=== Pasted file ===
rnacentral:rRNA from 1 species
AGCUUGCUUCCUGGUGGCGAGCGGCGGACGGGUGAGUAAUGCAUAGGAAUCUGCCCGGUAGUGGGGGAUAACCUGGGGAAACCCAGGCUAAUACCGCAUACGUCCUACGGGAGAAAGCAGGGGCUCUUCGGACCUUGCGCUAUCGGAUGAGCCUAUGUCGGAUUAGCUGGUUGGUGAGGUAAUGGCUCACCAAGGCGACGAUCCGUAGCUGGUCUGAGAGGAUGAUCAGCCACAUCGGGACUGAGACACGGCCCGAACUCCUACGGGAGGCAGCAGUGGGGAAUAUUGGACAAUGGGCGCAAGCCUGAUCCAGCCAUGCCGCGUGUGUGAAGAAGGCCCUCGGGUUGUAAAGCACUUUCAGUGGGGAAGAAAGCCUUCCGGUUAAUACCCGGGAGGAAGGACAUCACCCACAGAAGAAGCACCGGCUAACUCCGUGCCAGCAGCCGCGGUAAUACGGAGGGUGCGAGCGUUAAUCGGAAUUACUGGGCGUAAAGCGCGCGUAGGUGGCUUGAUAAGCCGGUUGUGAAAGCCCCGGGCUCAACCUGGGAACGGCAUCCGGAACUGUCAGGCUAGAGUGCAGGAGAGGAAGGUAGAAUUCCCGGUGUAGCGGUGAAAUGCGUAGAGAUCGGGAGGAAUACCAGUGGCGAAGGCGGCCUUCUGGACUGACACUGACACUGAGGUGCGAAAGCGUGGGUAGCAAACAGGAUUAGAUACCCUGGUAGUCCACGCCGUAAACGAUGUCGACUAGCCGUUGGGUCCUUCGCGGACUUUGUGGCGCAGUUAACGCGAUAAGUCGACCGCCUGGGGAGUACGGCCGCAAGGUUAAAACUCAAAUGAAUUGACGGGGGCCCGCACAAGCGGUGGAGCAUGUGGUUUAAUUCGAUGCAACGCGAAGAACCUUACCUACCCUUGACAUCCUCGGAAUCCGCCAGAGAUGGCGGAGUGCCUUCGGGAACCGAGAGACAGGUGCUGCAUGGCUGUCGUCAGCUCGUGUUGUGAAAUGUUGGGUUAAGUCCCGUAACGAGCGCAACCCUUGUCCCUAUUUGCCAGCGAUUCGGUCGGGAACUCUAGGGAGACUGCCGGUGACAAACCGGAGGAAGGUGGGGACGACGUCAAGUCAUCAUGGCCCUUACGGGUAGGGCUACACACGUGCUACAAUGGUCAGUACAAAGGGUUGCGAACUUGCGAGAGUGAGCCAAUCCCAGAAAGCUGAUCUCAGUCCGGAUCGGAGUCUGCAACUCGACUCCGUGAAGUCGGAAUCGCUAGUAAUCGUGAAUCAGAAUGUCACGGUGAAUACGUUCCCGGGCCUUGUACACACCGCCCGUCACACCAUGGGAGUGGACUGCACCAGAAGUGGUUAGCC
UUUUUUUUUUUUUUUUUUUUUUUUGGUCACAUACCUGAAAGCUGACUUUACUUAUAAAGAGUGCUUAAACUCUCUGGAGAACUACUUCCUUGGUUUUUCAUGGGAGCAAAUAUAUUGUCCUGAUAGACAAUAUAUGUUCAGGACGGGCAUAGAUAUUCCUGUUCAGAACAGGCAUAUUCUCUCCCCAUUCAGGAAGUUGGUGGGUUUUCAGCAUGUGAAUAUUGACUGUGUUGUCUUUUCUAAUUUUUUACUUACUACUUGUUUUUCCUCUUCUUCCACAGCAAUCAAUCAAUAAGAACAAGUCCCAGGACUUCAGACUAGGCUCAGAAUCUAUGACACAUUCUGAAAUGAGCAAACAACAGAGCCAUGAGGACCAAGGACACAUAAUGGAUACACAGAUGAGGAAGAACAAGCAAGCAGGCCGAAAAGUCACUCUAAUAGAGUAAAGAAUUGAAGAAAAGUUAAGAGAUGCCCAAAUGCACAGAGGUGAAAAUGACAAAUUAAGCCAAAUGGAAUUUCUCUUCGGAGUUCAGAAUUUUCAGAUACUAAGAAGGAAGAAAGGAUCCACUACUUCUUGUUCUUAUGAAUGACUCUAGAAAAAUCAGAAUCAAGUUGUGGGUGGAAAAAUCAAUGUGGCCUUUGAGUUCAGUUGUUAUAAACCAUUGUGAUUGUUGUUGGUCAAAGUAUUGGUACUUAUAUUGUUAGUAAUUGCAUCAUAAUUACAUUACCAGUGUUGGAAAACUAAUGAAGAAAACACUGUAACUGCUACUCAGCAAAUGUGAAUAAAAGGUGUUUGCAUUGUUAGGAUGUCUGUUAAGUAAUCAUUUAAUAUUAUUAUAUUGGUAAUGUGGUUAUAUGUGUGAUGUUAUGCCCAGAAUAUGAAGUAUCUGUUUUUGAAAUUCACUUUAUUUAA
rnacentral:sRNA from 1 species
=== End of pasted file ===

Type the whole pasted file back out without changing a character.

rnacentral:rRNA from 1 species
AGCUUGCUUCCUGGUGGCGAGCGGCGGACGGGUGAGUAAUGCAUAGGAAUCUGCCCGGUAGUGGGGGAUAACCUGGGGAAACCCAGGCUAAUACCGCAUACGUCCUACGGGAGAAAGCAGGGGCUCUUCGGACCUUGCGCUAUCGGAUGAGCCUAUGUCGGAUUAGCUGGUUGGUGAGGUAAUGGCUCACCAAGGCGACGAUCCGUAGCUGGUCUGAGAGGAUGAUCAGCCACAUCGGGACUGAGACACGGCCCGAACUCCUACGGGAGGCAGCAGUGGGGAAUAUUGGACAAUGGGCGCAAGCCUGAUCCAGCCAUGCCGCGUGUGUGAAGAAGGCCCUCGGGUUGUAAAGCACUUUCAGUGGGGAAGAAAGCCUUCCGGUUAAUACCCGGGAGGAAGGACAUCACCCACAGAAGAAGCACCGGCUAACUCCGUGCCAGCAGCCGCGGUAAUACGGAGGGUGCGAGCGUUAAUCGGAAUUACUGGGCGUAAAGCGCGCGUAGGUGGCUUGAUAAGCCGGUUGUGAAAGCCCCGGGCUCAACCUGGGAACGGCAUCCGGAACUGUCAGGCUAGAGUGCAGGAGAGGAAGGUAGAAUUCCCGGUGUAGCGGUGAAAUGCGUAGAGAUCGGGAGGAAUACCAGUGGCGAAGGCGGCCUUCUGGACUGACACUGACACUGAGGUGCGAAAGCGUGGGUAGCAAACAGGAUUAGAUACCCUGGUAGUCCACGCCGUAAACGAUGUCGACUAGCCGUUGGGUCCUUCGCGGACUUUGUGGCGCAGUUAACGCGAUAAGUCGACCGCCUGGGGAGUACGGCCGCAAGGUUAAAACUCAAAUGAAUUGACGGGGGCCCGCACAAGCGGUGGAGCAUGUGGUUUAAUUCGAUGCAACGCGAAGAACCUUACCUACCCUUGACAUCCUCGGAAUCCGCCAGAGAUGGCGGAGUGCCUUCGGGAACCGAGAGACAGGUGCUGCAUGGCUGUCGUCAGCUCGUGUUGUGAAAUGUUGGGUUAAGUCCCGUAACGAGCGCAACCCUUGUCCCUAUUUGCCAGCGAUUCGGUCGGGAACUCUAGGGAGACUGCCGGUGACAAACCGGAGGAAGGUGGGGACGACGUCAAGUCAUCAUGGCCCUUACGGGUAGGGCUACACACGUGCUACAAUGGUCAGUACAAAGGGUUGCGAACUUGCGAGAGUGAGCCAAUCCCAGAAAGCUGAUCUCAGUCCGGAUCGGAGUCUGCAACUCGACUCCGUGAAGUCGGAAUCGCUAGUAAUCGUGAAUCAGAAUGUCACGGUGAAUACGUUCCCGGGCCUUGUACACACCGCCCGUCACACCAUGGGAGUGGACUGCACCAGAAGUGGUUAGCC
UUUUUUUUUUUUUUUUUUUUUUUUGGUCACAUACCUGAAAGCUGACUUUACUUAUAAAGAGUGCUUAAACUCUCUGGAGAACUACUUCCUUGGUUUUUCAUGGGAGCAAAUAUAUUGUCCUGAUAGACAAUAUAUGUUCAGGACGGGCAUAGAUAUUCCUGUUCAGAACAGGCAUAUUCUCUCCCCAUUCAGGAAGUUGGUGGGUUUUCAGCAUGUGAAUAUUGACUGUGUUGUCUUUUCUAAUUUUUUACUUACUACUUGUUUUUCCUCUUCUUCCACAGCAAUCAAUCAAUAAGAACAAGUCCCAGGACUUCAGACUAGGCUCAGAAUCUAUGACACAUUCUGAAAUGAGCAAACAACAGAGCCAUGAGGACCAAGGACACAUAAUGGAUACACAGAUGAGGAAGAACAAGCAAGCAGGCCGAAAAGUCACUCUAAUAGAGUAAAGAAUUGAAGAAAAGUUAAGAGAUGCCCAAAUGCACAGAGGUGAAAAUGACAAAUUAAGCCAAAUGGAAUUUCUCUUCGGAGUUCAGAAUUUUCAGAUACUAAGAAGGAAGAAAGGAUCCACUACUUCUUGUUCUUAUGAAUGACUCUAGAAAAAUCAGAAUCAAGUUGUGGGUGGAAAAAUCAAUGUGGCCUUUGAGUUCAGUUGUUAUAAACCAUUGUGAUUGUUGUUGGUCAAAGUAUUGGUACUUAUAUUGUUAGUAAUUGCAUCAUAAUUACAUUACCAGUGUUGGAAAACUAAUGAAGAAAACACUGUAACUGCUACUCAGCAAAUGUGAAUAAAAGGUGUUUGCAUUGUUAGGAUGUCUGUUAAGUAAUCAUUUAAUAUUAUUAUAUUGGUAAUGUGGUUAUAUGUGUGAUGUUAUGCCCAGAAUAUGAAGUAUCUGUUUUUGAAAUUCACUUUAUUUAA
rnacentral:sRNA from 1 species